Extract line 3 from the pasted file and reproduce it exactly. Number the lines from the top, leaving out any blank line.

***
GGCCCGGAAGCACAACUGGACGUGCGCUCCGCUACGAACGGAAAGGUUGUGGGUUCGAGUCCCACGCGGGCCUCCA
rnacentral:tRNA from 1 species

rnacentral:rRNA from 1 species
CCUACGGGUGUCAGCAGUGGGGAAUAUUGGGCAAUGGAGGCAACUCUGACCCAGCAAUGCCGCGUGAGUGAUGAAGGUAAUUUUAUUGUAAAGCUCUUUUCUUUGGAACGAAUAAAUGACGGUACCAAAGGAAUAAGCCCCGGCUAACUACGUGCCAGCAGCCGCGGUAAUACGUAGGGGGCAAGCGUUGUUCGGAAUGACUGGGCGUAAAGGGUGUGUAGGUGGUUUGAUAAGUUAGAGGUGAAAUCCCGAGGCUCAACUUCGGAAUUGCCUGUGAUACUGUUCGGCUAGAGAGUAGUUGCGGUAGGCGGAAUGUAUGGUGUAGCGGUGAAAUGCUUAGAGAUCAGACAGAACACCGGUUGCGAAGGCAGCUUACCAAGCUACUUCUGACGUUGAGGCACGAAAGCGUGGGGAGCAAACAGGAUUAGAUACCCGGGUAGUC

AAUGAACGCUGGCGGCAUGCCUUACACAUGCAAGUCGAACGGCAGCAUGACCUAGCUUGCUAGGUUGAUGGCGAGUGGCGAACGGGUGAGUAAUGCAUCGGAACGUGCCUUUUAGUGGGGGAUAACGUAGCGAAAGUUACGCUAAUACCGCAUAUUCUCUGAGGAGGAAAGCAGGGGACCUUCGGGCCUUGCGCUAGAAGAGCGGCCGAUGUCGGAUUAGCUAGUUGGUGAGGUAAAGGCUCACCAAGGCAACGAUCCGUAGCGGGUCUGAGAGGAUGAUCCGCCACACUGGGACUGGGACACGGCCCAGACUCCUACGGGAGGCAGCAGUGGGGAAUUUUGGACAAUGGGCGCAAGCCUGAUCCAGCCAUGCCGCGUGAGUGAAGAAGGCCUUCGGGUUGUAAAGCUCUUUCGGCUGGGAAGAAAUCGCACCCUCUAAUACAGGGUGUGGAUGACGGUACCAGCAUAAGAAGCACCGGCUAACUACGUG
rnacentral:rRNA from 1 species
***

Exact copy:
rnacentral:rRNA from 1 species